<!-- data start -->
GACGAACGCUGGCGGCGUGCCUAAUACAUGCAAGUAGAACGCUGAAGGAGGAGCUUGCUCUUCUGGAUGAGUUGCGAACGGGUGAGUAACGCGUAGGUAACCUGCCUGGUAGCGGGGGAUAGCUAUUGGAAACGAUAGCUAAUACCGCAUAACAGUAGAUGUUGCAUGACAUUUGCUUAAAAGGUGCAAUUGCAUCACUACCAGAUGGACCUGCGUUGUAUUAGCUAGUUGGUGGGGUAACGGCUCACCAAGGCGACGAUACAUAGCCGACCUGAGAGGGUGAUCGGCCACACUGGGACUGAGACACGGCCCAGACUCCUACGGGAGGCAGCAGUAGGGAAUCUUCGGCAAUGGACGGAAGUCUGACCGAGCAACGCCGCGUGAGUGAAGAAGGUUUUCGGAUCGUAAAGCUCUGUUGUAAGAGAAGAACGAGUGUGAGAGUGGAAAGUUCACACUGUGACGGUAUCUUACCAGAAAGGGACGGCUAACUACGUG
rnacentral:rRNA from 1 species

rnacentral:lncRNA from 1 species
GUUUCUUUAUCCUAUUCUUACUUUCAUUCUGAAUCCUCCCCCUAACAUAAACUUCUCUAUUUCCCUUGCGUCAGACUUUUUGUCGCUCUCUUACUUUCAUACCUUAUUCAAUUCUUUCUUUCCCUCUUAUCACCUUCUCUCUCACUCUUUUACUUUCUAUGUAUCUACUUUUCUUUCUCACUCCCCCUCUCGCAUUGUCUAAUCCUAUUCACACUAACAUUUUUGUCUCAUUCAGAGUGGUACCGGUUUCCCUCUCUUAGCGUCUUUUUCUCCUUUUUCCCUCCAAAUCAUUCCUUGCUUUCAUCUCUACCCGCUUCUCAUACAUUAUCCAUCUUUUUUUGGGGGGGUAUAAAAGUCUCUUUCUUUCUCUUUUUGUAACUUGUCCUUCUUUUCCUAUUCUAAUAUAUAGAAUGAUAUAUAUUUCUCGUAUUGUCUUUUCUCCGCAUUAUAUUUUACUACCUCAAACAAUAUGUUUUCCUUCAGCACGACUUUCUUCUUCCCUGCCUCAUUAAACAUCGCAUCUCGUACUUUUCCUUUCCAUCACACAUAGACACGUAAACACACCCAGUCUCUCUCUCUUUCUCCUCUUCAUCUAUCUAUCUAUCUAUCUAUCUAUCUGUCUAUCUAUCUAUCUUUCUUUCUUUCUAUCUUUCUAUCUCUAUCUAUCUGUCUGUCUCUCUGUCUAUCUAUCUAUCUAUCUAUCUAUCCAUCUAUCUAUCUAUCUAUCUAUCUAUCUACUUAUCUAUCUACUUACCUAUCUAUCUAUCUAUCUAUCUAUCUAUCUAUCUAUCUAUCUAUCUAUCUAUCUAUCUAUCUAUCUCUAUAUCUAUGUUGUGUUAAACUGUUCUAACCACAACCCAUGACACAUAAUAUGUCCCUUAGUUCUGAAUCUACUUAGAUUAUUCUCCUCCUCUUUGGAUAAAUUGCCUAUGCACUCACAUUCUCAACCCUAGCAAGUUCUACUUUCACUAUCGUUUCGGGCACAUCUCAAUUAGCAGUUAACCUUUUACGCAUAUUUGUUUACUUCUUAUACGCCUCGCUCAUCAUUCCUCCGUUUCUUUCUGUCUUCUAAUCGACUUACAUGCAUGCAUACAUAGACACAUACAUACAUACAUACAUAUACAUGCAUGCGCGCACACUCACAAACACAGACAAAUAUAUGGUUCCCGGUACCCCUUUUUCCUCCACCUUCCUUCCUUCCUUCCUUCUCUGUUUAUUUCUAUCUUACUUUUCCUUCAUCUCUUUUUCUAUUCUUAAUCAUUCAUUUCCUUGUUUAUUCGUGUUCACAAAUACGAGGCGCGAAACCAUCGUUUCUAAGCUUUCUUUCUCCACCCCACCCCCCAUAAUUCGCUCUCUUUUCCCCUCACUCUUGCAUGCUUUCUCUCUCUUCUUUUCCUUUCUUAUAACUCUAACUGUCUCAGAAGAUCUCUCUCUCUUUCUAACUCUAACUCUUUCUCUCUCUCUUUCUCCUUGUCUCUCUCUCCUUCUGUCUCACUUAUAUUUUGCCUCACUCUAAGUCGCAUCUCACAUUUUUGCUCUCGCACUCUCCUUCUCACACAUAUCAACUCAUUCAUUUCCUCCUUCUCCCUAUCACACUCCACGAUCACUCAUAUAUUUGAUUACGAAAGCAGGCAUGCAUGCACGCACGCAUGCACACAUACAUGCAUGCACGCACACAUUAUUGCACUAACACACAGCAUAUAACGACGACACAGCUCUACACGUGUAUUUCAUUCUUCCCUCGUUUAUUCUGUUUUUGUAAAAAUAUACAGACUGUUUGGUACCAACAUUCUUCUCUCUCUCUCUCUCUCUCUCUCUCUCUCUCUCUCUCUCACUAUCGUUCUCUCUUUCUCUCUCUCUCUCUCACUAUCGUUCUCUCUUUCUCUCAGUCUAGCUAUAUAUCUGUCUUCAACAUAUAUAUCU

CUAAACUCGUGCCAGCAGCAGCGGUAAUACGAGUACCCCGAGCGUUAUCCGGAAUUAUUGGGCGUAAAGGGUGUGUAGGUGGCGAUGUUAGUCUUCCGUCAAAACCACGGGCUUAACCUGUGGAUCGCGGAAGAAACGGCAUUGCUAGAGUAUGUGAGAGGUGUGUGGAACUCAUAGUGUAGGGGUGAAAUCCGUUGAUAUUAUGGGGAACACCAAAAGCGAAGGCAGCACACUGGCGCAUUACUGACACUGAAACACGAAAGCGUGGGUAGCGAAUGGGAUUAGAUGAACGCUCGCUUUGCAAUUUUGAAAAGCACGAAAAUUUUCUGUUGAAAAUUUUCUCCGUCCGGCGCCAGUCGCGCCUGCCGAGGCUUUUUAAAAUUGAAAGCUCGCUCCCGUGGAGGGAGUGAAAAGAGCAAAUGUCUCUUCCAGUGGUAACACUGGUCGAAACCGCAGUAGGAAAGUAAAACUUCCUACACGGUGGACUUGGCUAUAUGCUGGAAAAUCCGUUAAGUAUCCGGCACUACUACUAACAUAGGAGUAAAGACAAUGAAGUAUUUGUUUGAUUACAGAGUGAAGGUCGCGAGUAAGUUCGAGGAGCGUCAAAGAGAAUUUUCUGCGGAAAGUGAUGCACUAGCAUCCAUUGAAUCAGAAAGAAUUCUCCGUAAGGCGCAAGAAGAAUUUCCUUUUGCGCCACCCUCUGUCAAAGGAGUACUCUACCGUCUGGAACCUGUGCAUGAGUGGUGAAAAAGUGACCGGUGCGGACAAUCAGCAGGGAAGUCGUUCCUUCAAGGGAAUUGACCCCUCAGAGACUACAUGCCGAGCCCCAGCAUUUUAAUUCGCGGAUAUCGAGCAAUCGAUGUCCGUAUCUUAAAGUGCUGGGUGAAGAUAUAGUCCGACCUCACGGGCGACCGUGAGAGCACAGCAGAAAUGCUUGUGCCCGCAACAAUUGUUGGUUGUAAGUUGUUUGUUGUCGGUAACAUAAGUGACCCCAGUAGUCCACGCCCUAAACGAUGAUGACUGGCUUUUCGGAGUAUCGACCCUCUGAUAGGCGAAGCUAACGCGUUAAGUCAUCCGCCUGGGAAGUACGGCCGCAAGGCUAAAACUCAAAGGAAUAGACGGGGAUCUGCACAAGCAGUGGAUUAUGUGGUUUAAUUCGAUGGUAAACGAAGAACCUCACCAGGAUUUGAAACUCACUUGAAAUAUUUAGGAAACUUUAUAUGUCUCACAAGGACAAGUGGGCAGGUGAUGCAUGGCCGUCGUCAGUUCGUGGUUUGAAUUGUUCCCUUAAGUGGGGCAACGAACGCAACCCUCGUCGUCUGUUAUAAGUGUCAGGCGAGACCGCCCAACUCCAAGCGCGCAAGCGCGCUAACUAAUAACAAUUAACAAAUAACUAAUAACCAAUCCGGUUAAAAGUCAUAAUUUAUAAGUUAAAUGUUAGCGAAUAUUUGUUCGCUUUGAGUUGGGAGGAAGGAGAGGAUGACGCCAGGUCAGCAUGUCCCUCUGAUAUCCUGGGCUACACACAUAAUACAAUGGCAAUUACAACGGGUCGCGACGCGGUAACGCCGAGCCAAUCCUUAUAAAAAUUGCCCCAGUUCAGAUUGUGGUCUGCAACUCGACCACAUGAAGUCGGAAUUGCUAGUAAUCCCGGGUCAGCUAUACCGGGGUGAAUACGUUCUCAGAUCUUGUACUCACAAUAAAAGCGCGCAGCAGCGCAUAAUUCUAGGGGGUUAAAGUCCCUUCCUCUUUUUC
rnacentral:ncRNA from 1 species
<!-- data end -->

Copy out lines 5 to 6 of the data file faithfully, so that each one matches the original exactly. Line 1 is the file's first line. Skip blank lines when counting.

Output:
CUAAACUCGUGCCAGCAGCAGCGGUAAUACGAGUACCCCGAGCGUUAUCCGGAAUUAUUGGGCGUAAAGGGUGUGUAGGUGGCGAUGUUAGUCUUCCGUCAAAACCACGGGCUUAACCUGUGGAUCGCGGAAGAAACGGCAUUGCUAGAGUAUGUGAGAGGUGUGUGGAACUCAUAGUGUAGGGGUGAAAUCCGUUGAUAUUAUGGGGAACACCAAAAGCGAAGGCAGCACACUGGCGCAUUACUGACACUGAAACACGAAAGCGUGGGUAGCGAAUGGGAUUAGAUGAACGCUCGCUUUGCAAUUUUGAAAAGCACGAAAAUUUUCUGUUGAAAAUUUUCUCCGUCCGGCGCCAGUCGCGCCUGCCGAGGCUUUUUAAAAUUGAAAGCUCGCUCCCGUGGAGGGAGUGAAAAGAGCAAAUGUCUCUUCCAGUGGUAACACUGGUCGAAACCGCAGUAGGAAAGUAAAACUUCCUACACGGUGGACUUGGCUAUAUGCUGGAAAAUCCGUUAAGUAUCCGGCACUACUACUAACAUAGGAGUAAAGACAAUGAAGUAUUUGUUUGAUUACAGAGUGAAGGUCGCGAGUAAGUUCGAGGAGCGUCAAAGAGAAUUUUCUGCGGAAAGUGAUGCACUAGCAUCCAUUGAAUCAGAAAGAAUUCUCCGUAAGGCGCAAGAAGAAUUUCCUUUUGCGCCACCCUCUGUCAAAGGAGUACUCUACCGUCUGGAACCUGUGCAUGAGUGGUGAAAAAGUGACCGGUGCGGACAAUCAGCAGGGAAGUCGUUCCUUCAAGGGAAUUGACCCCUCAGAGACUACAUGCCGAGCCCCAGCAUUUUAAUUCGCGGAUAUCGAGCAAUCGAUGUCCGUAUCUUAAAGUGCUGGGUGAAGAUAUAGUCCGACCUCACGGGCGACCGUGAGAGCACAGCAGAAAUGCUUGUGCCCGCAACAAUUGUUGGUUGUAAGUUGUUUGUUGUCGGUAACAUAAGUGACCCCAGUAGUCCACGCCCUAAACGAUGAUGACUGGCUUUUCGGAGUAUCGACCCUCUGAUAGGCGAAGCUAACGCGUUAAGUCAUCCGCCUGGGAAGUACGGCCGCAAGGCUAAAACUCAAAGGAAUAGACGGGGAUCUGCACAAGCAGUGGAUUAUGUGGUUUAAUUCGAUGGUAAACGAAGAACCUCACCAGGAUUUGAAACUCACUUGAAAUAUUUAGGAAACUUUAUAUGUCUCACAAGGACAAGUGGGCAGGUGAUGCAUGGCCGUCGUCAGUUCGUGGUUUGAAUUGUUCCCUUAAGUGGGGCAACGAACGCAACCCUCGUCGUCUGUUAUAAGUGUCAGGCGAGACCGCCCAACUCCAAGCGCGCAAGCGCGCUAACUAAUAACAAUUAACAAAUAACUAAUAACCAAUCCGGUUAAAAGUCAUAAUUUAUAAGUUAAAUGUUAGCGAAUAUUUGUUCGCUUUGAGUUGGGAGGAAGGAGAGGAUGACGCCAGGUCAGCAUGUCCCUCUGAUAUCCUGGGCUACACACAUAAUACAAUGGCAAUUACAACGGGUCGCGACGCGGUAACGCCGAGCCAAUCCUUAUAAAAAUUGCCCCAGUUCAGAUUGUGGUCUGCAACUCGACCACAUGAAGUCGGAAUUGCUAGUAAUCCCGGGUCAGCUAUACCGGGGUGAAUACGUUCUCAGAUCUUGUACUCACAAUAAAAGCGCGCAGCAGCGCAUAAUUCUAGGGGGUUAAAGUCCCUUCCUCUUUUUC
rnacentral:ncRNA from 1 species